Find an accountant used to dealing with foreigners living and working in the UK and get a high level overview of what is required in your situation....strangers on the internet aren't going to be able to help you.
posted by koahiatamadl at 8:49 AM on May 2, 2010


While we realise the chance of an identical situation is very low, we're hoping some other couple has a similar problem (two different nationalities residing in a third) and can advise what they're up to. Bonus points if one of the parties is American.

*Raises hand*
I get the bonus point too.

Like others above, I would suggest consulting a tax advisor familiar with this. But, to answer the questions:

* If Mrs Mutant has never lived in the US does she have to ever file a US return?

No. I file my 1040 as Married, filing separately. I do not include my spouse's SSN. She does not actually file a return since she is not a US citizen or living in the US. This was what my US-based tax advisor told me to do. This may or may not apply to you.

* What tax credits might we be overlooking on the UK side?

No idea. But if you discover any, pleas let me know. :)

* On the NL side, while I never lived there full time I divided my time between Amsterdam & London. I've never triggered physical presence, so we're assuming that I won't have to file - is this correct?

Portugal (my "NL") doesn't care at all about my existence since we have never formally registered our marriage. I am still trying to understand what the benefits/drawbacks of doing so are. Like your situation, my wife has assets in PT all under her name.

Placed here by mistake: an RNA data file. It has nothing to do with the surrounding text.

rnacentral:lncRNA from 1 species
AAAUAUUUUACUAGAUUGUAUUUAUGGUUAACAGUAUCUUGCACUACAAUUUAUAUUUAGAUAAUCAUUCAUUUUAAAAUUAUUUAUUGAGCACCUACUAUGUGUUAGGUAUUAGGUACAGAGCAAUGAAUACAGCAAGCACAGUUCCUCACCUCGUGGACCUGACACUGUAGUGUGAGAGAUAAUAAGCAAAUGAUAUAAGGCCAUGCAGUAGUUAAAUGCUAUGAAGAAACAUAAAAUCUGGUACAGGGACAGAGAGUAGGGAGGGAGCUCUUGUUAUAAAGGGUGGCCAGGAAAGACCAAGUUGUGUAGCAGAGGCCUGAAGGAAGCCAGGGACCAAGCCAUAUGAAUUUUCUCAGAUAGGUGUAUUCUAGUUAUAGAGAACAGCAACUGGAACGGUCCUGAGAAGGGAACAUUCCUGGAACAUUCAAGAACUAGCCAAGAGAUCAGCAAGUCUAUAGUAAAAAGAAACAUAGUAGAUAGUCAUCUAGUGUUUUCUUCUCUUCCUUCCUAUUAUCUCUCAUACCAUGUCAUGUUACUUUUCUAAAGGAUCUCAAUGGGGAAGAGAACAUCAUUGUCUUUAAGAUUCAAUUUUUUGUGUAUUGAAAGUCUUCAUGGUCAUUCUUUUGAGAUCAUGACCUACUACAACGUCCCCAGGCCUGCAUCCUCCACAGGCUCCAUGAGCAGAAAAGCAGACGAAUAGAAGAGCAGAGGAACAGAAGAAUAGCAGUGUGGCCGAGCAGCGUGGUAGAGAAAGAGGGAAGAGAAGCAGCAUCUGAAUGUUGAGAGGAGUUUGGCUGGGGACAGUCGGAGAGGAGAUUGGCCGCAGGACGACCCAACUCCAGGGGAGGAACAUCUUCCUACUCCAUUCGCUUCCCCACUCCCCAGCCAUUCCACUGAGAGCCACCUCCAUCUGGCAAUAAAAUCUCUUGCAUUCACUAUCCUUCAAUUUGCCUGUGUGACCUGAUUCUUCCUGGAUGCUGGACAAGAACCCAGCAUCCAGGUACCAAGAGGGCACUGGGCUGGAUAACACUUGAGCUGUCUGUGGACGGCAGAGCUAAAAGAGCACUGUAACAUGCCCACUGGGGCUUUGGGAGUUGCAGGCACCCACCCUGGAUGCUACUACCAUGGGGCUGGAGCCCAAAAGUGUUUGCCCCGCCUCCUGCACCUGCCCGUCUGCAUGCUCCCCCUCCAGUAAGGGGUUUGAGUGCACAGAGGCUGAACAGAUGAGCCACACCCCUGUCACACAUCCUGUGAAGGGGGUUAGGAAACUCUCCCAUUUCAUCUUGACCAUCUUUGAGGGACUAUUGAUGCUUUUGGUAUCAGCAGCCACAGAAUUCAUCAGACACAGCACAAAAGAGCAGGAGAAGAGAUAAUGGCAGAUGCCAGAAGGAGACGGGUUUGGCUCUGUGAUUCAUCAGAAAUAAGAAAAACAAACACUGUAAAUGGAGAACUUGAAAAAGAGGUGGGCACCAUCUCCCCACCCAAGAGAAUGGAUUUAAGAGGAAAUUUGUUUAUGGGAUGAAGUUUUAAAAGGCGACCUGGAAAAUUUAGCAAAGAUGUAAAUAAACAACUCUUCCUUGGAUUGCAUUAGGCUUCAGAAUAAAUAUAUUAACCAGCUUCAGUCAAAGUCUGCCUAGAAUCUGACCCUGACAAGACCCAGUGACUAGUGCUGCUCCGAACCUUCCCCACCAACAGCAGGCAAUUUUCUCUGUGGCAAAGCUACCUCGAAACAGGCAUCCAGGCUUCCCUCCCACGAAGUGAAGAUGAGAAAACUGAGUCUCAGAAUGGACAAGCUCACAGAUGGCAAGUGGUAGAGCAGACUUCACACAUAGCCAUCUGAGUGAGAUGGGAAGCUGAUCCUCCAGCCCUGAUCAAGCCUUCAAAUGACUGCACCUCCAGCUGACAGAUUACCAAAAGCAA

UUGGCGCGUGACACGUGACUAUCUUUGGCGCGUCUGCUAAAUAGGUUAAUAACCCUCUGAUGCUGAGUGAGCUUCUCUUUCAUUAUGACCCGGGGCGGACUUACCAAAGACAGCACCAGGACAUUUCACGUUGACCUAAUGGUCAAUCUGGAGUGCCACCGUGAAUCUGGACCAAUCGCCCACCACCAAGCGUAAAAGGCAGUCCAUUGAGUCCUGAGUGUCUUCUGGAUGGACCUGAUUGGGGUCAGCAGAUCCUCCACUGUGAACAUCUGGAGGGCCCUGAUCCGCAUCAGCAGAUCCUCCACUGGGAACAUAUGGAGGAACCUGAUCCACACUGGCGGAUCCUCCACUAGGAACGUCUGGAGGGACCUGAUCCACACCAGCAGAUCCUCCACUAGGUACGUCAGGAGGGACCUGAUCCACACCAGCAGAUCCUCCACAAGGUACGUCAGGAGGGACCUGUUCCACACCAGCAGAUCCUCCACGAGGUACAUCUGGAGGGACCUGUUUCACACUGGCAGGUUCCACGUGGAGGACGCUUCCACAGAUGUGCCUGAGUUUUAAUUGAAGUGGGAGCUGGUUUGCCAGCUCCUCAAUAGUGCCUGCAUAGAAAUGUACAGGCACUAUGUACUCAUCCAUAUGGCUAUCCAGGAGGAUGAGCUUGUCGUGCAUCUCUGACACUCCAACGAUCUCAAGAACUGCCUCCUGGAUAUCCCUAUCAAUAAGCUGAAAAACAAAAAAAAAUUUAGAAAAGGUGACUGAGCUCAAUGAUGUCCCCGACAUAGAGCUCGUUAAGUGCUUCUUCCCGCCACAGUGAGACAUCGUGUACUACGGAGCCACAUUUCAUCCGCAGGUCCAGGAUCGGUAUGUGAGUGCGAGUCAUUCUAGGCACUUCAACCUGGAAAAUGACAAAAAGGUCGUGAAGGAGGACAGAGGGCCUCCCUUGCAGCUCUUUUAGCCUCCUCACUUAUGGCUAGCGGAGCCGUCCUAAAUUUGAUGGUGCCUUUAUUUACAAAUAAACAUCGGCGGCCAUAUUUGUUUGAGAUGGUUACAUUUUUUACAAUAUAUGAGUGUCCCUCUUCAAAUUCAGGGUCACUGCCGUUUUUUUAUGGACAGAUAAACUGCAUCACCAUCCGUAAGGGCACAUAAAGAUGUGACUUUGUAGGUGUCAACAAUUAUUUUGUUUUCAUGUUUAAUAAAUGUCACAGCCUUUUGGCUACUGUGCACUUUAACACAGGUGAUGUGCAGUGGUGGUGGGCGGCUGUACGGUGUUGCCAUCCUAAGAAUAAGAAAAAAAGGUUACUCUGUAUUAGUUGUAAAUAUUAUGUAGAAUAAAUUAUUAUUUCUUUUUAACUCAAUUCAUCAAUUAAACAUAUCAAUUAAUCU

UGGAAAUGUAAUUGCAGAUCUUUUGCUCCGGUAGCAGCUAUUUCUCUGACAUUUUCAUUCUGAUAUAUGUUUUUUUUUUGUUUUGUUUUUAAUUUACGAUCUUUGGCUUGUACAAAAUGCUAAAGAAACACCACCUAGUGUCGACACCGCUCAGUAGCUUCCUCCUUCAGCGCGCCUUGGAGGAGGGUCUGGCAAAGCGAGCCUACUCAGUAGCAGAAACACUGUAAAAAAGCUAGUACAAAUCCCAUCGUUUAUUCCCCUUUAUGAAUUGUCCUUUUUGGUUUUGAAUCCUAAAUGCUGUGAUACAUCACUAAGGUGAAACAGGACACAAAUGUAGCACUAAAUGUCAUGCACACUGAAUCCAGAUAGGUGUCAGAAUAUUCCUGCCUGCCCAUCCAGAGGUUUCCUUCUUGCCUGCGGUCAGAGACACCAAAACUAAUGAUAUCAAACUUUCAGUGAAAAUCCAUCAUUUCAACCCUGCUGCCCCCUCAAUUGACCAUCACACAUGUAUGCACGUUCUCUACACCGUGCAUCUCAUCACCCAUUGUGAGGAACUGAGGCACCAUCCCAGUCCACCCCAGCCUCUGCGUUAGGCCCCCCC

posted by vacapinta at 10:02 AM on May 2, 2010


"If you are married or in a civil partnership and living together and at least one spouse or partner was born before 6 April 1935, the person with the higher income can claim Married Couple’s Allowance. We reduce the claimant's tax bill by 10 per cent of the Married Couple’s Allowance to which he or she is entitled. The actual amount depends on the income of the spouse or civil partner with the higher income."

from http://www.hmrc.gov.uk/incometax/married-allow.htm#1
posted by A189Nut at 11:18 AM on May 2, 2010


You might also want to check out what the US embassy in London has to say.
posted by IndigoJones at 1:39 PM on May 2, 2010


I assume you filed the IRS Report of Foreign Bank and Financial Accounts (FBAR) years ago, but that might be another thing to add to your list for future Americans in a similar situation.
posted by xueexueg at 1:41 PM on May 2, 2010


One other sort of general comment on this situation. I (and possibly you depending on your residency status) exist in a bit of grey are with regards to European law.

I am an EU spouse. This means I derive all rights and responsibilities of my EU citizen-spouse. That includes, for example, the right to live and work in any EU country.

In a "normal" situation, I would also be a spouse registered in a specific country. A Dutch spouse or a Portuguese spouse or whatever. Taxation-wise, I would follow the guidelines of that country. The EU stuff is irrelevant for taxation since the EU is not a taxing entity.

In my situation, however, I am not registered as a spouse in any country. Britain, I suppose. But I am not the spouse of a British citizen. So, I am an EU spouse (and have a Residence Card to prove it) and my residence rights derive not from the fact that I married a Dutch or Portuguese citizen but from the fact that I married a citizen of an EU member state. The two are different things.

There's a disconnect here, I guess, and thus the grey area. The only taxation laws that thus apply are either through residence (I do pay taxes where I live and work) and of course global taxation (i.e. the US) That is it. My EU citizenship is not (yet) asking me for any taxes.
posted by vacapinta at 8:47 AM on May 3, 2010